Appeals, Nos. 112 and 113, March T., 1953, from judgment of Court of Common Pleas of Crawford County, Sept. T., 1951, No. 52, in case of Titusville Trust Company, Admr. d.b.n., Estate of C. P. Collins, also known as Clarence P. Collins, v. Edith Johnson, also known as Edith Johnson Nash and Cecil Johnson. Judgment affirmed.
J. Perry Eckels, with him Charles B. Stegner, for appellant.
George J. Barco, with him Yolando G. Barco, Edward J. McDonald and Barco & Barco, for appellee.
Before Stern, C.j., Stearne, Jones, Bell, Chidsey, Musmanno and Arnold, JJ.
OPINION BY MR. JUSTICE BELL
A narrow question is involved -- was the evidence sufficient to prove a gift mortis causa?
An action of replevin without bond was instituted by the Titusville Trust Company, Administrator d.b.n. of the Estate of C. P. Collins against Edith Johnson and her son, Cecil Johnson, to recover certain stock certificates of various corporations of the approximate value of $25,000., which were registered in the name of the decedent at the time of his death. An answer was filed setting forth that Cecil Johnson did not claim any right in these certificates, but his mother, Edith Johnson, housekeeper of the decedent, claimed to be owner of the certificates by virtue of a gift mortis causa from Collins two days before his death. The jury returned a verdict for defendant; plaintiff's motion for a new trial and for judgment n.o.v. were dismissed; only the question of a judgment n.o.v. is raised on this appeal.
Collins was a junk dealer. His mode of living was eccentric and comparable to that of a recluse. For many years he lived in a shanty consisting of three rooms in the midst of his junk yard in Oil Creek Township, near Titusville, Pa. The defendant went to work for Collins as a housekeeper in the spring of 1930. In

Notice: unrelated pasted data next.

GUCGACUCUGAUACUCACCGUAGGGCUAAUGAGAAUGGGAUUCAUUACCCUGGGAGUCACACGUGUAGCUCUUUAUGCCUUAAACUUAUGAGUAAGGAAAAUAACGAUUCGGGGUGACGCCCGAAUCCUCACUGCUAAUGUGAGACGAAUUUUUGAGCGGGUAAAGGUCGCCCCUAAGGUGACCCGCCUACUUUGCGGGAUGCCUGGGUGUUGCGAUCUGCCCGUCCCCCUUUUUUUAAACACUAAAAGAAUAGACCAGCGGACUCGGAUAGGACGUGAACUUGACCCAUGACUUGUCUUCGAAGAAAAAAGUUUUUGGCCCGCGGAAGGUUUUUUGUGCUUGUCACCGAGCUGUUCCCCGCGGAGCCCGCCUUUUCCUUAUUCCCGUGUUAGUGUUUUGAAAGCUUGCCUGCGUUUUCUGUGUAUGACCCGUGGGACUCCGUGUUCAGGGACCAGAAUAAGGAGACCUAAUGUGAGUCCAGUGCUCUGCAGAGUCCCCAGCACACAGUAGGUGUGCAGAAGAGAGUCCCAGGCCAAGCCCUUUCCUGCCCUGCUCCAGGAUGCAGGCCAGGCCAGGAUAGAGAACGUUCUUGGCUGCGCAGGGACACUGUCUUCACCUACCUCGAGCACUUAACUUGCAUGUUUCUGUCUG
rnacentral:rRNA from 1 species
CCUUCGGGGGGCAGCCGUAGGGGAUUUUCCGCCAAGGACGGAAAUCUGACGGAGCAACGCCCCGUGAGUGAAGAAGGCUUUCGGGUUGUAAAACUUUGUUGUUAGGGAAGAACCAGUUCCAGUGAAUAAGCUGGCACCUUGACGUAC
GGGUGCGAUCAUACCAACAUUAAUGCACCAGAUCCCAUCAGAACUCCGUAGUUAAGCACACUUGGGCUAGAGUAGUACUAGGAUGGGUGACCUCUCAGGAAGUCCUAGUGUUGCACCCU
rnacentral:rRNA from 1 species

addition to living at the shanty and keeping house for the decedent, she also worked in the junk yard selling articles for him and generally helping him in his business.
Collins, aged 56, died on January 15, 1951, at 12:05 A.M., intestate, unmarried, and without issue. He left a brother, sister, and niece and nephew, children of a deceased sister. Although the sister lived nearby, she hadn't seen him for a long time and it is clear that his family paid no attention to him.
On January 12, 1951 Collins suffered a cerebral hemorrhage while in Titusville with Edith Johnson. Cecil Johnson, the housekeeper's son, in response to a telephone call from his mother, drove to Titusville where he found his mother and Collins, sitting in the latter's automobile. Collins was seated behind the steering wheel of his automobile with his head hanging down on his chest. Johnson offered to take him to the hospital, but the decedent asked that he be taken to the "yard", referring to his home. When they arrived at the yard, Johnson immediately telephoned for the doctor. In the meantime, Collins refused to move from his automobile, saying that he would be all right in a little bit. While they were waiting for the doctor Mrs. Johnson went into the house while her son remained in or stood nearby the car. According to the testimony of Cecil Johnson, Collins then began fumbling about his shirt. He was accustomed to wearing several shirts or sweaters and no overcoat. He pulled out of his ...